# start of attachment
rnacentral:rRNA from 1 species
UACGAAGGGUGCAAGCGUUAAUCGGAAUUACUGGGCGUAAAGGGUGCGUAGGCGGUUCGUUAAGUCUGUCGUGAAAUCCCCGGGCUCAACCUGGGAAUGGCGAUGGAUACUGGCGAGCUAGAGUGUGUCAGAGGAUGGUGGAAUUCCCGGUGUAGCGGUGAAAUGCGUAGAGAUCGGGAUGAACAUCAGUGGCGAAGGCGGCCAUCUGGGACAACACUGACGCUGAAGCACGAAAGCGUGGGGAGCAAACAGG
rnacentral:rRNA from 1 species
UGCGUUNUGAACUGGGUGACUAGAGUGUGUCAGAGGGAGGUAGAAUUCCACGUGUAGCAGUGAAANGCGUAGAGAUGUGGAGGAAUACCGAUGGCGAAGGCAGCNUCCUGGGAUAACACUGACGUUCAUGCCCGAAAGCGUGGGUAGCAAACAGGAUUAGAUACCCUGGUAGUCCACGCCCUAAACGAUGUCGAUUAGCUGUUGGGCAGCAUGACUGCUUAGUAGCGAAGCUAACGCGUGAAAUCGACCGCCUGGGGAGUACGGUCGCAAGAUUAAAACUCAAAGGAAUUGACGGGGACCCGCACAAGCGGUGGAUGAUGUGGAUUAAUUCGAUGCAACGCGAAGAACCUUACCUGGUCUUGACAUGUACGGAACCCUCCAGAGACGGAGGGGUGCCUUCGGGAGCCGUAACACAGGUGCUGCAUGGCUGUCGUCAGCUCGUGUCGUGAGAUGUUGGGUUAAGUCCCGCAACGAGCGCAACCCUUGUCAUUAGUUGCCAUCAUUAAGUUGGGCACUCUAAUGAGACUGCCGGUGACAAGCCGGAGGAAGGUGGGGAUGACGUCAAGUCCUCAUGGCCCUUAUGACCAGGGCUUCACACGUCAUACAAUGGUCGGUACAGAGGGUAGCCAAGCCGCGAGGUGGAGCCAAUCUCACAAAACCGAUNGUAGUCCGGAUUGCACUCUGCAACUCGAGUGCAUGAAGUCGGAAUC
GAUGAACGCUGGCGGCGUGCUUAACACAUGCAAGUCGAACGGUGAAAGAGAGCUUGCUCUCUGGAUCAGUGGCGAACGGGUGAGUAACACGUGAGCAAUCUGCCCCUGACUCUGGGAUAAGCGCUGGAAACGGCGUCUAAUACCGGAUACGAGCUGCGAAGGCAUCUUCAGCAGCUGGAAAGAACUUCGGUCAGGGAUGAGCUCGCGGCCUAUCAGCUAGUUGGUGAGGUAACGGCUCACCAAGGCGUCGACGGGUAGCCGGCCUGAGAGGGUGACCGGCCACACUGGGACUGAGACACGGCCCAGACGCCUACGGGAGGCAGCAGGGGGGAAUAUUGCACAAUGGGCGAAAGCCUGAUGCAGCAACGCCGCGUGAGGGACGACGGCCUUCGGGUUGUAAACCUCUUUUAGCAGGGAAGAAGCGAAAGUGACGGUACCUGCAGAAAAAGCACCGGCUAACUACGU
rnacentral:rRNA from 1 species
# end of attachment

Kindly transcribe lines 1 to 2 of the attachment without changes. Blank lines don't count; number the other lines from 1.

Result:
rnacentral:rRNA from 1 species
UACGAAGGGUGCAAGCGUUAAUCGGAAUUACUGGGCGUAAAGGGUGCGUAGGCGGUUCGUUAAGUCUGUCGUGAAAUCCCCGGGCUCAACCUGGGAAUGGCGAUGGAUACUGGCGAGCUAGAGUGUGUCAGAGGAUGGUGGAAUUCCCGGUGUAGCGGUGAAAUGCGUAGAGAUCGGGAUGAACAUCAGUGGCGAAGGCGGCCAUCUGGGACAACACUGACGCUGAAGCACGAAAGCGUGGGGAGCAAACAGG